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Thursday, March 23, 2023


A Bigger Picture Look At US Housing Affordability (Or Just How Over-Priced Are American Homes)

Via Political Calculations blog,

What can you discover when you chart median new home sale prices against median household income?

Here’s the visualized beginning of the answer to that question, using annual data from 1967 through 2021 and monthly data from December 2000 through December 2022!

What you first see is there are some long running and often linear relationships between these two variables.

And what you find is that when you get to 2000, bubbles begin inflating that break down those relationships.

We’ve highlighted that region with the red-dashed lines in the chart, so let’s zoom in on it in the next chart.

The second chart answers the question of what the relationship between median new home sale prices and household income would have looked like had 2020’s coronavirus pandemic not messed up the U.S. Census Bureau’s collection of income data for 2019!

Going back to the first chart, you also get the answer to another question: How inflated are house prices today compared to how they were prices before the housing bubbles?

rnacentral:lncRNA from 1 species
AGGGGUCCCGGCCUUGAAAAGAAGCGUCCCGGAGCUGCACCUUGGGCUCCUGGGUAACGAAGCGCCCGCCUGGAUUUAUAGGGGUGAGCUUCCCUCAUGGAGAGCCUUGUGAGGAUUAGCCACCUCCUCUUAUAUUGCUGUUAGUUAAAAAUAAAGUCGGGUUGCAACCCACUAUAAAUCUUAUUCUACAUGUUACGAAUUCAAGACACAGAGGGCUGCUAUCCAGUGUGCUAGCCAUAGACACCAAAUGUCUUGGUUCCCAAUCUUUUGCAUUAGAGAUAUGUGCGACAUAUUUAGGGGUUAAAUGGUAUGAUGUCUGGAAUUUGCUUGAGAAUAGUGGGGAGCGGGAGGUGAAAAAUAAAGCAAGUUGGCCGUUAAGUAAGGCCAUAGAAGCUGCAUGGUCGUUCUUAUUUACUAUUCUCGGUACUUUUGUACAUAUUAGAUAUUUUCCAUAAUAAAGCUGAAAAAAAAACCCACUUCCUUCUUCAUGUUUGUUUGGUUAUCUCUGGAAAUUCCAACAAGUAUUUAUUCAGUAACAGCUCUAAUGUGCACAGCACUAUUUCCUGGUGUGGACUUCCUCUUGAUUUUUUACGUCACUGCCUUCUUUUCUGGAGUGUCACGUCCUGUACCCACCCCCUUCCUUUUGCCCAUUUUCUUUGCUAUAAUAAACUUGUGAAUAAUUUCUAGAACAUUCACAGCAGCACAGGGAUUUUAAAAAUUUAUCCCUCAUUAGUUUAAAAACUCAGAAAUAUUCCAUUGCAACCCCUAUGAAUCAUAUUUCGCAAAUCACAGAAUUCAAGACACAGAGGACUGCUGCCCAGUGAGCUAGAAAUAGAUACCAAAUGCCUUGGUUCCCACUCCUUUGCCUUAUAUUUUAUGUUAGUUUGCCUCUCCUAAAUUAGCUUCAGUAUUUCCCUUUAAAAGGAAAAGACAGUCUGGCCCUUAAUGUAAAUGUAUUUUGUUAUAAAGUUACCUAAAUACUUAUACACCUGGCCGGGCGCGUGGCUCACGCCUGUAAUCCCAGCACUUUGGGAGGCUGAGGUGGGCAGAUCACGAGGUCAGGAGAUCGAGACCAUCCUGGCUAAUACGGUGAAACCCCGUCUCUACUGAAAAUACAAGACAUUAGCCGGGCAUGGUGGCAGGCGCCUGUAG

As of December 2022, At just over $450,000, the trailing twelve month average median new home sale price costs around 50% more than what they would had the relationships that existed before 2000 continued to the present day.

Going by most observers, there have been two major housing bubbles in the 21st Century. The inflation phase for the first housing bubble had its origins in August 2000 and peaked in March 2007. Its deflation phase then lasted until December 2009. What we would consider the second housing bubble took off in July 2012. This more recent bubble has had several phases, but using the measure of median new home sale prices, has only begun to deflate in the last several months. That development is only starting to show up in the twelve month moving averages we’ve presented in these charts.

These bigger pictures provide a little different, but very useful way to look at the underlying data for assessing how affordable housing is within the U.S. We’re looking forward to seeing how they evolve during the course of this year.

This post was originally published on this site

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